As long ago as 2005, the Football Association developed a Fit and Proper Person test to ensure the effective governance of the clubs in its charge. Developments since then suggest that even at the highest reaches of the Premier League, the issue remains a dilemma
Tudor Rickards & Leigh Wharton
A glance at the top of the English Premiership [September 25th, 2010] suggests that the FA still has to deal with governance issues five years after the development of the Fit and Proper Person Test (FPPT). At the time of writing, the most recent troubles have included salacious stories of England playing stars. A range of Premier League clubs face embittered fans over takeovers which they consider to have involved include individuals who may have passed the FPPT, but whose business models are seen as contrary to the interests of the fans, and arguably to the well-being of the clubs.
The highest profile clubs include Manchester United (fans at loggerheads with its American owners). Liverpool FC (ditto). Manchester City was rocked in 2008 by the drama of the exiled political figure Thaksin Shinawatra before being swallowed up by allegedly one of the wealthiest of backers from Abu Dhabi. Arsenal appears to have gained some financial security but faces the distinct possibility of another disruptive takeover. Chelsea seems to have stablised through on-field success leading club after too many changes of manager under its billionaire Russian owner.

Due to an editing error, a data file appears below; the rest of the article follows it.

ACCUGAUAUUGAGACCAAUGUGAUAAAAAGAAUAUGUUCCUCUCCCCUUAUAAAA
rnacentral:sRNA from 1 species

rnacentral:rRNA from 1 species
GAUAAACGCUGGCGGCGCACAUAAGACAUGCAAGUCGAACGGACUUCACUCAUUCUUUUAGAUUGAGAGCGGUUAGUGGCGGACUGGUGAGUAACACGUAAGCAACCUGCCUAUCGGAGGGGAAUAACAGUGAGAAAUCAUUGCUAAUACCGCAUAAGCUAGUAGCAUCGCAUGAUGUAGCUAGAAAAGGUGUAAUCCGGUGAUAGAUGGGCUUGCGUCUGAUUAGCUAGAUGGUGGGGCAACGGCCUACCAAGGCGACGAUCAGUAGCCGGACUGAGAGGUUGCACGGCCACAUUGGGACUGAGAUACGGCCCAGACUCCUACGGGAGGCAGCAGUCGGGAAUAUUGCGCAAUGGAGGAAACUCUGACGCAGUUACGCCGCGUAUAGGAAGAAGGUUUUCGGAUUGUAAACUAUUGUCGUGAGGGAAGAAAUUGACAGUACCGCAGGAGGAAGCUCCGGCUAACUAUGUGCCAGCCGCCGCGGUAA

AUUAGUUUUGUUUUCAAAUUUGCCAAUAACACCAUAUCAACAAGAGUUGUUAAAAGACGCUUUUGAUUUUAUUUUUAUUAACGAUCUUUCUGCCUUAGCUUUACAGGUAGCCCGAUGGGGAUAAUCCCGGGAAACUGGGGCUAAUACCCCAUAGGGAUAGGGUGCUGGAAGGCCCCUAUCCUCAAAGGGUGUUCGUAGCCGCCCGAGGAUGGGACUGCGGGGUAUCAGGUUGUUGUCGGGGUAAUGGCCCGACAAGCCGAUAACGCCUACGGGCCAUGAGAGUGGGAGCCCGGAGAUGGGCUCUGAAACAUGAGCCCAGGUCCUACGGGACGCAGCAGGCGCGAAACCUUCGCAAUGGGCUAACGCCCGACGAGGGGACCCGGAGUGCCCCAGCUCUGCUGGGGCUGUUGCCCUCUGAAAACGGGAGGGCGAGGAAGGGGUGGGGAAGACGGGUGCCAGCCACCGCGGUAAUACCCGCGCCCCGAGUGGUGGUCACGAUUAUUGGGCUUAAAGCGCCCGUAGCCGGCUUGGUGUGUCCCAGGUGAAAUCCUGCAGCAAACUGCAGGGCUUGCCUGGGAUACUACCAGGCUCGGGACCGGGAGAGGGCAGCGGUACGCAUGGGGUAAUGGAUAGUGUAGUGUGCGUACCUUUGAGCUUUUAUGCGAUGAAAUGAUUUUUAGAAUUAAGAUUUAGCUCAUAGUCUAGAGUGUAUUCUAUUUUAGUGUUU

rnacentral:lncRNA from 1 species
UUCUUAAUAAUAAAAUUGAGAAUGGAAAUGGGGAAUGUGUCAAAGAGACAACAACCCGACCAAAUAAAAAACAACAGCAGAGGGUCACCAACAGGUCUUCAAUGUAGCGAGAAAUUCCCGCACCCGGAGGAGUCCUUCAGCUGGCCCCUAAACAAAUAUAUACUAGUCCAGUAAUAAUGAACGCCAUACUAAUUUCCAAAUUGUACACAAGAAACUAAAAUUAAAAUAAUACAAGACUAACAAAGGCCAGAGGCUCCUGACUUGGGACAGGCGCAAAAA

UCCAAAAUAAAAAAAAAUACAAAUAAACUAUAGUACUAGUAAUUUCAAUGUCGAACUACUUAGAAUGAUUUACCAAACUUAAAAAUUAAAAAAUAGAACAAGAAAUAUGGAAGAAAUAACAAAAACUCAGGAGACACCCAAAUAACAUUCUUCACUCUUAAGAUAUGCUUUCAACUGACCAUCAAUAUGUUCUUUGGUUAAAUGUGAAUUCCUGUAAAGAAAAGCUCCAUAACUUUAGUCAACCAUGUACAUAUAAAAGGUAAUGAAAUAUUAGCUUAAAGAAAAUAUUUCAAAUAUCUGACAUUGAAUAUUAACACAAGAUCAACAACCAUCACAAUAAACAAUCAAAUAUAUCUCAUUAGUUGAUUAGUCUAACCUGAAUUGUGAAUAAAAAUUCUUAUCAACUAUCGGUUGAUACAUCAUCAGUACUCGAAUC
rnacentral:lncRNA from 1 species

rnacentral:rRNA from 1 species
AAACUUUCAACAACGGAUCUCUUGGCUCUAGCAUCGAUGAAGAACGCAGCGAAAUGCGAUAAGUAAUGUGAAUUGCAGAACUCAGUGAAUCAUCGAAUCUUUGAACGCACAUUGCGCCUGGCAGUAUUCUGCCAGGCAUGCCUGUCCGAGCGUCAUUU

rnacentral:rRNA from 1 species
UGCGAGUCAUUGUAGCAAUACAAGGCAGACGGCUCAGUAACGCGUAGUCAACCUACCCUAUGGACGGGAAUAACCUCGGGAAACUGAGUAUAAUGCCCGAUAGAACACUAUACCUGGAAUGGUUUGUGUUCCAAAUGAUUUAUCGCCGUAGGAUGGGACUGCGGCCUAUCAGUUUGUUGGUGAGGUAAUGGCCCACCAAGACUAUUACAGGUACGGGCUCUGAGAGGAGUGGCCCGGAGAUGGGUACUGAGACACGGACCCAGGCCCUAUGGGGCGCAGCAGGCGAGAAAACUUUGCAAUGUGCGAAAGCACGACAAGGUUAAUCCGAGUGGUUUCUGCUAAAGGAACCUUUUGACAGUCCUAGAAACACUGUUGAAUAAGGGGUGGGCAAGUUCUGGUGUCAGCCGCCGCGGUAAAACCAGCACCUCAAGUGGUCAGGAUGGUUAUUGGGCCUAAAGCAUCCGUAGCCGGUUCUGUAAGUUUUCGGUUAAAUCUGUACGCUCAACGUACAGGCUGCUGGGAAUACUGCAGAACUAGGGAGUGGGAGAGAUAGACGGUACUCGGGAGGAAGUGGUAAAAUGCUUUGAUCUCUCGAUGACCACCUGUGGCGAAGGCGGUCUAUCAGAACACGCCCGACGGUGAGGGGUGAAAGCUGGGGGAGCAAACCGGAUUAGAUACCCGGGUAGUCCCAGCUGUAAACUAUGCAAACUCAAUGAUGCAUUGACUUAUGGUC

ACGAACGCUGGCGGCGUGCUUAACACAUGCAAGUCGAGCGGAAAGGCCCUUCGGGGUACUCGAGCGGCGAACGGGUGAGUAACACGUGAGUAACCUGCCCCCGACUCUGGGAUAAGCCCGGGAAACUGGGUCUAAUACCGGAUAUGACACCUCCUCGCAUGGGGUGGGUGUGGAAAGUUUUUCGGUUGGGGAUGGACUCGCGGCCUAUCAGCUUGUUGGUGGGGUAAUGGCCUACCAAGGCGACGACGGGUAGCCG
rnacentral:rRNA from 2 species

The Finance Advisory Committee, chaired by the economist Kate Barker, is pledging to introduce the test for next summer’s FA AGM. The reform has long been urged on the FA by supporters’ groups, who have been bemused by the way in which crooks and bankrupts are allowed to take over the nation’s football clubs, with no questions asked.
The “fit and proper person test” will be only part of the work that the new committee will be expected to lead and oversee, which will include trying to encourage a more responsible approach to clubs’ financial management.
“This is a very important development in an overall approach by the FA,” promised Nic Coward, the FA’s director of corporate and legal affairs.
Barker, a member of the Monetary Policy Committee of the Bank of England, will be able to appoint other independent members, to join on the committee the representatives of leagues from the Premier to the Isthmian, together with Coward and the FA’s new chief executive, the former insolvency accountant Mark Palios.
Some work has already been done, by the FA’s Financial Advisory Unit and by Matthew Holt, of Birkbeck College’s Football Governance Research Centre. [Later to become a a leading sports administrator.] The test is likely to apply to directors, not to shareholders, because of the legal difficulty of regulating who can own shares in a football club. It is likely the FA committee will recommend that so-called “shadow directors” be vetted, too, but it is notoriously difficult to prove that somebody is acting as a director if they are not officially on the board.
Governance Issues since 2005
Since 2005 the Football Association has itself struggled with a whole range of governance issues. Football fans and pundits alike have considered the FA itself to be in disarray after a series of crises of governance involving its own directors, employees, the football clubs, the England National team, and media scandals.
Students of business leadership and governance will find much to evaluate in assessing the dilemmas facing the clubs and the FA into the forseeable future.
Matthew Holt, the consultant to the 2005 FPPT initiative subsequently propered a comprehensive document on the topic. In it he reviews the wider complicated issues of governance facing the FA.